The RMR crew over here fancies those records with that ‘Out of the Box’ label. Pieces that are difficult to categorize and even more difficult to review. Looks like we prefer a complicated life over here. But just serving the mainstream hasn’t exactly been a match in heaven for this crew. At least for the folks over at the RMR office tower.
But you have to be careful. Once the gilded gates to Weirdijistan are open, there’s usually no holding back. And some of these records will just suck you in with no guarantee that your good-looking ass will be returned in pristine shape.
But you’ve got nothing to worry about with this record, lone musical traveler. The Norwegians of Sarke here have been active since 2008 and have fallen over themselves to strip the mean bloodthirst out of those metallic extremes. Or have they, now? Because we heard some tall tales about that band in the past.
Allsighr here piqued our interest in a somewhat visceral way. The high-pitched solo and sturdy riff right at the start of Bleak Reflections neatly showcases how to capture the listener’s attention. All this goodness comes with some scrimpy blast beats and the bass that tries to rush to the forefront but somehow fails.
A conundrum of sorts, given the frugal offering of barebone riffs, ruffian solos, and ice-cold drumming. Of course, Darkthrone’s Nocturno Culto in the lead with his chilly croak nicely adds to that tableau that seems to step right out of Hel’s realm. He’s been on our mind a lot lately – by the way. As a prime suspect in another secretive project that recently crossed our earphones. But it would be heretical to pry further, right?
Sarke‘s new record here took an interesting direction. Their last offering Gastwerso still contained a lot of Celtic Frost and hidden Black Metal in those bony innards they presented. Yet here, Allsighr seems to escape further into post-land and increased complexity.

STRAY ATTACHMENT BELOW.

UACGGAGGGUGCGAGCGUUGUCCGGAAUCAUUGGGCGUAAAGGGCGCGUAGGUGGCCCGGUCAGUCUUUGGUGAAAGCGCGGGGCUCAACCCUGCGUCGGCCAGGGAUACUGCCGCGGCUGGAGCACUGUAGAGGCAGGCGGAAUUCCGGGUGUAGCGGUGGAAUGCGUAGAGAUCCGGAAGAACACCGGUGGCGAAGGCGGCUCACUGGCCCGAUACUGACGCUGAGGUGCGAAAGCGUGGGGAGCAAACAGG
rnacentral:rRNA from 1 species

And now they truly explore Extreme Metal without that disturbing heaviness. That’s not to say that those metallic bones aren’t there anymore. It’s the extreme part that tries to hide behind a mist of some subdued prog, alt, and some age-old rock influences. Only, it doesn’t succeed quite well enough. The leopard cannot quite change its spots, eh?
In other words, Allsighr truly ventures out in full exploration mode. For example, The Reverberation of the Lost starts comfortably on a sparse offering of blast beat leftovers. But the RMR deckhands truly got a kick out of the Blues Rock solo that hits progressive and psych soundscapes later. By Loki’s miserable minions, that one truly got our attention.
Or take the polar Glacial Casket with its somewhat frozen psychedelic groove. This one would sit as well on a Gojira piece as it does with Sarke here. After listening to it three times in a row, your hand will start to unconsciously rummage about the cupboard to grab that fur hat. And you madly start searching the sky for that Ufo to appear out those yonder cold plains.
Ultimately, it’s this kind of weird cocktail of styles, mixed together helter-skelter that fascinated us on Allsighr. I don’t know what it is, but this is a record that has the ability to keep this reviewer’s attention longer than it should.
Yet, the record savvily blends shiny metallic objects with rocky undercurrents that reach us from the past. Together with forays into prog, alt, and psych soundscapes, the record dutifully feeds our greedy metallic souls and satisfies our other maniacal musical urges at the same time.
Allsighr, a dreamy and true out-of-the-box experience that left us sated like one of those vampires after feeding right before dawn. Let’s just hope there’s no moon out tonight. Bleak reflections might happen, else.